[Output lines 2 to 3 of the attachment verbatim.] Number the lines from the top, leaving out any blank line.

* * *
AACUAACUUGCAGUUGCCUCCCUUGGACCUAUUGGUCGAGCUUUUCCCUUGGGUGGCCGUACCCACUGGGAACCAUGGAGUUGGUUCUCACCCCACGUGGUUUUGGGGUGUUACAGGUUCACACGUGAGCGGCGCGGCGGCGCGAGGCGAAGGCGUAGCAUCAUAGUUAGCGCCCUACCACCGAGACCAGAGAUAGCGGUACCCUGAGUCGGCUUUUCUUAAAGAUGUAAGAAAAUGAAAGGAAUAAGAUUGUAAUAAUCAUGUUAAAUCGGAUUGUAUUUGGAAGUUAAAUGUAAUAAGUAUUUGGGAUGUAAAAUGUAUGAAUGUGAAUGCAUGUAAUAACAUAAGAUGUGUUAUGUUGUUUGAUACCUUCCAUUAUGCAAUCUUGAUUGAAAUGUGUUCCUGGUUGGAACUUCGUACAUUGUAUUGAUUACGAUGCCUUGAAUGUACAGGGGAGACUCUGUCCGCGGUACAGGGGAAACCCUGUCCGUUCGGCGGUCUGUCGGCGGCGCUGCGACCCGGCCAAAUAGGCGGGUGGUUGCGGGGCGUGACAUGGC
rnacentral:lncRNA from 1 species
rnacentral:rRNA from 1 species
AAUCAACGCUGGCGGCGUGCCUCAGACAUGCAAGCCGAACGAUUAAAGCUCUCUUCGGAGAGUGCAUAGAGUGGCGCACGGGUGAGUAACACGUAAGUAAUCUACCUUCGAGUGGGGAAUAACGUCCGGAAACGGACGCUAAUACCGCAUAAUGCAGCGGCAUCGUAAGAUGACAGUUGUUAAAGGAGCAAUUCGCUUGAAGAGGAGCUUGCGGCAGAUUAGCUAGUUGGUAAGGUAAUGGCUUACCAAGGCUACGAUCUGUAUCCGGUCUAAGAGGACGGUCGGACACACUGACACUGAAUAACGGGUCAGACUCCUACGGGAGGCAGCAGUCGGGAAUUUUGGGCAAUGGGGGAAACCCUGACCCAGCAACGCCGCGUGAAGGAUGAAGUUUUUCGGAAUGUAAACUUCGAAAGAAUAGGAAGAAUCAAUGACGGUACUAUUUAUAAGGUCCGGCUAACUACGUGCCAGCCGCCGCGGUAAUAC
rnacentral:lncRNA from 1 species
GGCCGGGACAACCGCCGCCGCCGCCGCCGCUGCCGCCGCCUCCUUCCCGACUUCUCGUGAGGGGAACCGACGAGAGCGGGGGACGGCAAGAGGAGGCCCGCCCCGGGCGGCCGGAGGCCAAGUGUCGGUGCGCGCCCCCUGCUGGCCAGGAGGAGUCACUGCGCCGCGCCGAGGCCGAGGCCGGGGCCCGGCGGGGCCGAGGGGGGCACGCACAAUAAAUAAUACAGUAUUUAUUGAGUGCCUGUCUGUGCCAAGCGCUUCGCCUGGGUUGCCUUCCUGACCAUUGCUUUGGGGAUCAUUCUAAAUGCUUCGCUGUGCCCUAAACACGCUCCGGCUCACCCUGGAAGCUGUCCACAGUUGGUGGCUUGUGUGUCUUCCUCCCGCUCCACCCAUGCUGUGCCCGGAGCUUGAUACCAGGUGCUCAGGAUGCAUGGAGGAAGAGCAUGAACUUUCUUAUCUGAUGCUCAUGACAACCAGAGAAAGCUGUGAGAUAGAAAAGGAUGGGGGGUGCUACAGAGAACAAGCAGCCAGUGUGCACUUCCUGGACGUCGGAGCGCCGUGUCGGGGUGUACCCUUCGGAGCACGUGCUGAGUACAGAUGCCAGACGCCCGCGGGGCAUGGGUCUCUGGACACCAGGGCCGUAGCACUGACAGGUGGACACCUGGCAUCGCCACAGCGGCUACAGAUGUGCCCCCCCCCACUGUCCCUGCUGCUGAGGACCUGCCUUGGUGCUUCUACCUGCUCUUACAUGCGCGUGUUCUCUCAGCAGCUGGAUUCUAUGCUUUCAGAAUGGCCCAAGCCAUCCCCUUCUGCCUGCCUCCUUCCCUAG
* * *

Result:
rnacentral:lncRNA from 1 species
rnacentral:rRNA from 1 species